This Pew Research Center poll was conducted the weekend after the first debate, but the overview was just released today. It found that Mitt Romney has significantly cut into President Obama’s 15-point lead on foreign policy, and now trails by just four points:
The national survey by the Pew Research Center for the People & the Press, conducted Oct. 4-7, 2012 among 1,511 adults, including 1,201 registered voters, finds that Barack Obama and Mitt Romney run about even on most foreign policy issues. On the question of who can do a better job making wise decisions about foreign policy, 47% of voters favor Obama and 43% Romney. This represents a substantial gain for Romney, who trailed Obama by 15 points on foreign policy issues in September.
Some of Obama’s slide may have to do with the Benghazi attack. While respondents were split how the administration handled the attack, a plurality of independents disapproved. The more closely respondents followed the news, the more likely they were to disagree with the administration’s response:
The administration gets lower ratings from those who followed news about investigations into the embassy attack very or fairly closely. Among this group, 36% approve of the administration’s handling of the situation and 52% disapprove.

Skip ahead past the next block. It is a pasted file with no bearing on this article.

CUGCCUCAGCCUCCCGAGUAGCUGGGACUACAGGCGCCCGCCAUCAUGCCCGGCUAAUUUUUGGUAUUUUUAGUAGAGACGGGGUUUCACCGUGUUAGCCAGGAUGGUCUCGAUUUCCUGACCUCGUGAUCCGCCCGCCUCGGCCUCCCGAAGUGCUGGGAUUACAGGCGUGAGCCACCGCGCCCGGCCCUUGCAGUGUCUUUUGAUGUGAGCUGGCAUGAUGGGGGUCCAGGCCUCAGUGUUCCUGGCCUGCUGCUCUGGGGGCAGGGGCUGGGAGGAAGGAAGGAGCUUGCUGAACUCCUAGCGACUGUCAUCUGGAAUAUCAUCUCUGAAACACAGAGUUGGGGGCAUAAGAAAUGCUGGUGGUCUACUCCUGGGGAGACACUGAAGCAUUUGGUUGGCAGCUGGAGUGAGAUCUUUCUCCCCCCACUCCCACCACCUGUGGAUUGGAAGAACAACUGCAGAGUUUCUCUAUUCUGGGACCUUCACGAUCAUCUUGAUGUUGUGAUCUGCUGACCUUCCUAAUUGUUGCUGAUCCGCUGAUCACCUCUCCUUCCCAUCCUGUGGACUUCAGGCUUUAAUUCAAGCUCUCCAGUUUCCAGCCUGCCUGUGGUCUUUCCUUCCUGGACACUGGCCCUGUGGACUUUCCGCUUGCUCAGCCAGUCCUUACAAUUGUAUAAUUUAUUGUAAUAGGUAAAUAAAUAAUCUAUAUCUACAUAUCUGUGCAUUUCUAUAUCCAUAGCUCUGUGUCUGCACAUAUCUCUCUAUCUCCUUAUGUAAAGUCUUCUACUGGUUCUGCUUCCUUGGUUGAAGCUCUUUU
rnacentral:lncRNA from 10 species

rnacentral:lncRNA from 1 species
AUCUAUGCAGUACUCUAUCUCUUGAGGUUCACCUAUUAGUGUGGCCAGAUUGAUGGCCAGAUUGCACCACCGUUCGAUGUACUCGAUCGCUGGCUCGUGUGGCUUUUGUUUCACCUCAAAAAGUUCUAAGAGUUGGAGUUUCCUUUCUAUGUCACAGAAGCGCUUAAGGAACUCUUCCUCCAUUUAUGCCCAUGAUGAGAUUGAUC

More Republicans (67%) followed news about the Libya investigations than did Democrats (53%) or independents (55%). However, looking only at independents, those who followed news about the Libya investigations disapprove of the administration’s handling of the situation by two-to-one (59% disapprove vs. 29% approve).
Keep in mind, this was a poll of the general public, not registered or likely voters. Unless Obama’s argument about Benghazi in Tuesday’s debate resonated with voters, his numbers could be even lower with the actual electorate.
A growing majority of Americans also say it’s more important to take a firm stand against a nuclear Iran than to avoid a military conflict. In January, the “stand against” option led by nine points. In the latest poll, it leads by 21 points:
The public has long favored tough measures to prevent Iran from developing nuclear weapons, and 56% now say it is more important to take a firm stand against Iran’s nuclear program, while 35% say it is more important to avoid a military conflict. In January, 50% favored taking a firm stand against Iran and 41% said it was more important to avoid a confrontation.
The Republican Party also continued to dominate the Democratic Party on the pro-Israel issue. A plurality of Republicans, 46 percent, say that the U.S. is not supportive enough of Israel, while only 9 percent of Democrats agree. One-quarter of Democrats say that the U.S. is actually too supportive of Israel.